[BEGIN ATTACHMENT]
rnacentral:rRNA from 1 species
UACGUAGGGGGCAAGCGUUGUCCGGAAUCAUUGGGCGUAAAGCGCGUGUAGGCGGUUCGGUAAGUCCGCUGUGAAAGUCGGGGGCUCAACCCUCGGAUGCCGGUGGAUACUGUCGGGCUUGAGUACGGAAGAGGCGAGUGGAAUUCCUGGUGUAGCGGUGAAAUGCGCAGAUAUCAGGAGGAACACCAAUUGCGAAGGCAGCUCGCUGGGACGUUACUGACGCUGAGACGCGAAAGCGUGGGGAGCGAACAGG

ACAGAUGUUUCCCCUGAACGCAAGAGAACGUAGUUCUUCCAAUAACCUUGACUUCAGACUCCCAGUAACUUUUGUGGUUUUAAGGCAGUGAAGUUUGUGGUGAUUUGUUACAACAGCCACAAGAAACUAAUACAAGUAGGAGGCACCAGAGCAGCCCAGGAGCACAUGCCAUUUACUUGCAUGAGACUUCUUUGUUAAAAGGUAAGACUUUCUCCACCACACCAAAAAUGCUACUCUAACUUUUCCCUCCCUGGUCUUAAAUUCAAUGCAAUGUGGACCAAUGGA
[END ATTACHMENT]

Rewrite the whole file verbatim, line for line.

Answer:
rnacentral:rRNA from 1 species
UACGUAGGGGGCAAGCGUUGUCCGGAAUCAUUGGGCGUAAAGCGCGUGUAGGCGGUUCGGUAAGUCCGCUGUGAAAGUCGGGGGCUCAACCCUCGGAUGCCGGUGGAUACUGUCGGGCUUGAGUACGGAAGAGGCGAGUGGAAUUCCUGGUGUAGCGGUGAAAUGCGCAGAUAUCAGGAGGAACACCAAUUGCGAAGGCAGCUCGCUGGGACGUUACUGACGCUGAGACGCGAAAGCGUGGGGAGCGAACAGG

ACAGAUGUUUCCCCUGAACGCAAGAGAACGUAGUUCUUCCAAUAACCUUGACUUCAGACUCCCAGUAACUUUUGUGGUUUUAAGGCAGUGAAGUUUGUGGUGAUUUGUUACAACAGCCACAAGAAACUAAUACAAGUAGGAGGCACCAGAGCAGCCCAGGAGCACAUGCCAUUUACUUGCAUGAGACUUCUUUGUUAAAAGGUAAGACUUUCUCCACCACACCAAAAAUGCUACUCUAACUUUUCCCUCCCUGGUCUUAAAUUCAAUGCAAUGUGGACCAAUGGA